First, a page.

Case Law Details

Case Name : California Software Co. Ltd. Vs Assistant Commissioner of Income-tax (ITAT Chennai)
Appeal Number : IT Appeal No. 1842 (Mds.) of 2011
Date of Judgement/Order : 27/08/2012
Related Assessment Year : 2007-08
Courts : All ITAT (4788) ITAT Chennai (225)

IN THE ITAT CHENNAI BENCH ‘A’

California Software Co. Ltd.

Versus

Assistant Commissioner of Income-tax

Dr. O.K. Narayanan, Vice-President

and Challa Nagendra Prasad, Judicial Member

IT Appeal No. 1842 (Mds.) of 2011

[Assessment year 2007-08]

August 27, 2012

ORDER

O.K. Narayanan, Vice-President

This is a Transfer Pricing (TP) appeal. The assessment year is 2007-08. It is filed by the assessee. It is directed against the order of the assessing authority passed under section 143(3), read with sections 92CA and 144C(5) of the Income-tax Act, 1961. The Transfer Pricing Officer (TPO) has passed her order on 29-10-2010 under section 92CA of the Income-tax Act, 1961. Directions of the Dispute Resolution Panel at Chennai are dated 8-9-2011 in the proceedings concluded under section 144C(5) of the Income-tax Act, 1961.

2. The assessee is a hundred per cent exporter of computer software. Transactions were entered into with Associated Enterprise overseas and as such the matter was destined under the jurisdiction of transfer pricing regime. The Transfer Pricing Officer, after making an analysis of the transfer pricing study reported by the assessee, worked out an incremental adjustment of Rs. 5.84 crores to the income returned by the assessee as Arm’s Length Price (ALP) adjustment. The Dispute Resolution Panel (DRP) upheld the upward revision made by the TPO and as such confirmed the draft assessment order passed by the Assessing Officer. Thus, the assessment was completed after making an addition of Rs. 5.84 crores to the income of the assessee-company.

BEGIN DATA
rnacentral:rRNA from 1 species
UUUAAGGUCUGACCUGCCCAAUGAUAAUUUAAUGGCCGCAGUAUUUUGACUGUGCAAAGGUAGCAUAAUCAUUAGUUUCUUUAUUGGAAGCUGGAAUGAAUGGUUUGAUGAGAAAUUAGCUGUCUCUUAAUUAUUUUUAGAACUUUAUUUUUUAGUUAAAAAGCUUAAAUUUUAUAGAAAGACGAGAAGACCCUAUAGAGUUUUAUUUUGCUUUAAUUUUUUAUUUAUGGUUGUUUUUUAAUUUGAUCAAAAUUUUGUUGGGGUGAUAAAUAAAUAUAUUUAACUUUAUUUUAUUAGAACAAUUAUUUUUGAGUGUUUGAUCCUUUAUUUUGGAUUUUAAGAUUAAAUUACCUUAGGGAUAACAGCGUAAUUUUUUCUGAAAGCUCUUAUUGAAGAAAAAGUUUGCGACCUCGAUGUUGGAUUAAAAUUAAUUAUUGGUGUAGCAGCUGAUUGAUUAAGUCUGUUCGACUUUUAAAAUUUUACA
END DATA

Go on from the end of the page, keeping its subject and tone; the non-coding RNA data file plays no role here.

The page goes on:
3. The grounds raised by the assessee in the context of TP adjustment are as follows:-

“The lower authorities have erred in:

  1.  Not appreciating that the charging or computation provision relating to income under the head “Profits and Gains of Business or Profession do not refer to or include the amounts computed under Chapter X and therefore addition under Chapter X is bad in law.

  2.  In relying on information collected u/s 133(6) by other Directorates of Transfer Pricing without providing the information to the appellant.

  3.  Rejecting internal comparables selected by the appellant and rejecting transfer pricing analysis of the appellant.

  4.  Doing fresh transfer pricing analysis and adopting inappropriate filters in doing fresh transfer pricing analysis.

  5.  Selecting inappropriate comparables and rejecting appropriate comparables.

  6.  Inappropriately computing the operating margins of comparables and the appellant.

  7.  Not restricting the TP adjustment to AE transactions only.

  8.  Not making proper adjustment for enterprise level and transactional level differences between the appellant and the comparable companies.

  9.  Not allowing the benefit of the +/- 5% range mentioned in the proviso to section 92C(2).”

4. The assessee has also raised grounds relating to additions made under section 14A, disallowance made under section 10A and also contention against the rate of depreciation adopted by the assessing authority on UPS and further grounds against levy of interest under section 234B of the Act.

5. We heard Shri H. Padamchand Khincha, the learned chartered accountant appearing for the assessee-company and Shri Shaji P Jacob, the learned Commissioner of Income-tax appearing for the Revenue.